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May 7, 2012
Playoff Prospectus
Predictable Outcome

by Kevin Pelton

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L.A. Lakers 92, at Denver 88 (L.A. Lakers lead 3-1)
Pace: 85.1
Offensive Ratings: L.A. Lakers 107.8, Denver 103.8

That the Los Angeles Lakers won this game really should come as no great surprise. The difference between these two teams during the regular season largely came down to performance in close games. Where the Denver Nuggets were about average in this regard, the Lakers went 20-8 in games decided by five points or fewer. So it's only natural that two of the Lakers' three wins in this series have come by four points.

As compared to Game 2, which never felt as close as the final score, this game was tense throughout. Neither team led by more than seven points all evening while there were 18 ties and 16 lead changes. Nonetheless, even for this believer in the randomness of late-game situations, this felt like the Lakers' game to win throughout the fourth quarter. Indeed, the last lead change favored the Lakers, as Ramon Sessions untied the game with a wide-open three-pointer from the right baseline with 48 seconds remaining. Steve Blake followed with an open triple from the opposite corner on the Lakers' next possession and that was that.

These are the kind of games the Lakers always seem to win. Over the last 15 years, that's had a lot to do with one Kobe Bean Bryant, but Bryant was a bit player in the final outcome Sunday. He neither shot nor was the focal point of the Lakers' possessions in the final two minutes. Instead, L.A. played through Andrew Bynum and the pick-and-roll game. The latter play generated Sessions' three when Danilo Gallinari went down after a Pau Gasol screen, leaving four Nuggets to defend five Lakers. Bryant hit Gasol, who kicked to Sessions for the open look. (For the record, Gasol did commit an offensive foul, but not an exceptionally egregious one by all appearances besides Gallinari's reaction. Kenneth Faried got away with a more blatant moving pick earlier in the fourth quarter.)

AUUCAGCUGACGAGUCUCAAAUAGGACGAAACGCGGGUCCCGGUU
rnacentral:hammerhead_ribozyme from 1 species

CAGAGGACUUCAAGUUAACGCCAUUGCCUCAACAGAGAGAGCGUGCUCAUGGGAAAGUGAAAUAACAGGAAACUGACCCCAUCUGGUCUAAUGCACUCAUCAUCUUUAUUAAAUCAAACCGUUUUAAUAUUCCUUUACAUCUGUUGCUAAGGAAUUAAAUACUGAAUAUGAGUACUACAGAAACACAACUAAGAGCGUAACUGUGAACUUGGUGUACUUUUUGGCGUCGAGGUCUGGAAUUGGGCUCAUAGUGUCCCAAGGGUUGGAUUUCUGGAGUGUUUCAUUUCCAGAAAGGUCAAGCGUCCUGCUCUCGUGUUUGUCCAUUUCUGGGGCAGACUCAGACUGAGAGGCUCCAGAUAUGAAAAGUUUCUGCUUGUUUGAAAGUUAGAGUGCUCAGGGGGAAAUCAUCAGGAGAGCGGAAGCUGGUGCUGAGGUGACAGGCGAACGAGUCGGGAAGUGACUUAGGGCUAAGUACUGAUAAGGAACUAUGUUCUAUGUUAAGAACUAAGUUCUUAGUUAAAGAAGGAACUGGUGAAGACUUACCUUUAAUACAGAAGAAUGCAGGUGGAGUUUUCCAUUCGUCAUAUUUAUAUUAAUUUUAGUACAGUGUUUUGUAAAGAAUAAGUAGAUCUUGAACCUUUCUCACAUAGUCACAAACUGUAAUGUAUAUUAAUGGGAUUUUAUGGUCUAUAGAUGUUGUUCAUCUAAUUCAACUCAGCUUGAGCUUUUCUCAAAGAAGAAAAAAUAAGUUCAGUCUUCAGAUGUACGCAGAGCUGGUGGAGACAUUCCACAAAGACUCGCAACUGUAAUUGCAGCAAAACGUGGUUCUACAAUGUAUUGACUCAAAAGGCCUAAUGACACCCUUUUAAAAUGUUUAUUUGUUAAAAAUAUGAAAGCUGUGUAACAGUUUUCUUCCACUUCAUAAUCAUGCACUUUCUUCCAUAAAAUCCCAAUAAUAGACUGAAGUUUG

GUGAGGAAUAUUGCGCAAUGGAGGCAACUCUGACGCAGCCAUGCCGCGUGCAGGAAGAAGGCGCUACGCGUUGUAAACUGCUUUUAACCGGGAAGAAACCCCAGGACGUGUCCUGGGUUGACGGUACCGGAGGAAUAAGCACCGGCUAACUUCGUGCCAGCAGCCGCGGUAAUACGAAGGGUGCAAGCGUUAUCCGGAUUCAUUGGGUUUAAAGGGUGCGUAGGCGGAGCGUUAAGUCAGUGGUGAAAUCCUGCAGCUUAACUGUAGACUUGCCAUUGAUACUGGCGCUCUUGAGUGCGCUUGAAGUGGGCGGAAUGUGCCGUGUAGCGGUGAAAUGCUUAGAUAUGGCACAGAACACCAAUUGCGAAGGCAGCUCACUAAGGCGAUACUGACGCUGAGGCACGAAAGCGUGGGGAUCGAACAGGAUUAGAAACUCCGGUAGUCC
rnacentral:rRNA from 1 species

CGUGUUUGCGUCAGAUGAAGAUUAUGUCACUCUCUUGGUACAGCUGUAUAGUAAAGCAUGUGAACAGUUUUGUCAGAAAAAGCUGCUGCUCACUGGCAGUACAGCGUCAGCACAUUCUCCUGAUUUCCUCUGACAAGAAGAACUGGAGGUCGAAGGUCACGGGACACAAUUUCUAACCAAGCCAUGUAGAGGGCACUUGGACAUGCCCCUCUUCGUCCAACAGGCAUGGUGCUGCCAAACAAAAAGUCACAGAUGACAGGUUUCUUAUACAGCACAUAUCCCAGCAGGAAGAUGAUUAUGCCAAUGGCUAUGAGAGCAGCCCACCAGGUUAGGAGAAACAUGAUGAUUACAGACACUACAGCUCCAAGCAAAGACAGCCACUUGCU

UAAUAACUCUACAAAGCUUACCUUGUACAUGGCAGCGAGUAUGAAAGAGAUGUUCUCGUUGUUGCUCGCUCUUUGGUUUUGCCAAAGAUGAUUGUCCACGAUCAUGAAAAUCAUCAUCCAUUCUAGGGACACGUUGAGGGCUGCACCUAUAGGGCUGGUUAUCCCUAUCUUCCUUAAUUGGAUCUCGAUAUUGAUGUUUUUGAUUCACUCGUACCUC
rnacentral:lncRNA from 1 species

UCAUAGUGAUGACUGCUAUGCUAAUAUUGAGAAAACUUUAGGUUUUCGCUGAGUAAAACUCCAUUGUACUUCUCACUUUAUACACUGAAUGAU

More than that, this was about the Nuggets missing shots down the stretch. For all the talk of closers, George Karl's playcalls and Denver running its normal offense generated good looks. They just didn't go in. Al Harrington and Ty Lawson missed open three-pointers. Andre Miller couldn't convert a lob to the rim, and was a touch too early tipping in a Harrington miss, which resulted in an offensive basket inference call. Them's the breaks--it's just they always seem to go the Lakers' direction.

The real deciding factor in this game was the performance of the Lakers' much-maligned second unit. The Nuggets took a one-point lead to the final period, but by the time Kobe Bryant returned from his rest at the eight-minute mark, the Lakers held a two-point advantage. Blake found the range from the perimeter, giving the Lakers a needed scoring threat alongside starters Sessions and Gasol, and Jordan Hill delivered another terrific performance, finishing with 12 points and 11 rebounds. Hill stayed on the floor until the last media timeout, allowing Mike Brown to rest first Bynum and later Gasol, leaving them fresh for the stretch run.

Now, the Lakers are a home win away from getting a nice break before preparing to face the Oklahoma City Thunder in the conference semifinals.

Kevin Pelton is an author of Basketball Prospectus. You can contact Kevin by clicking here or click here to see Kevin's other articles.

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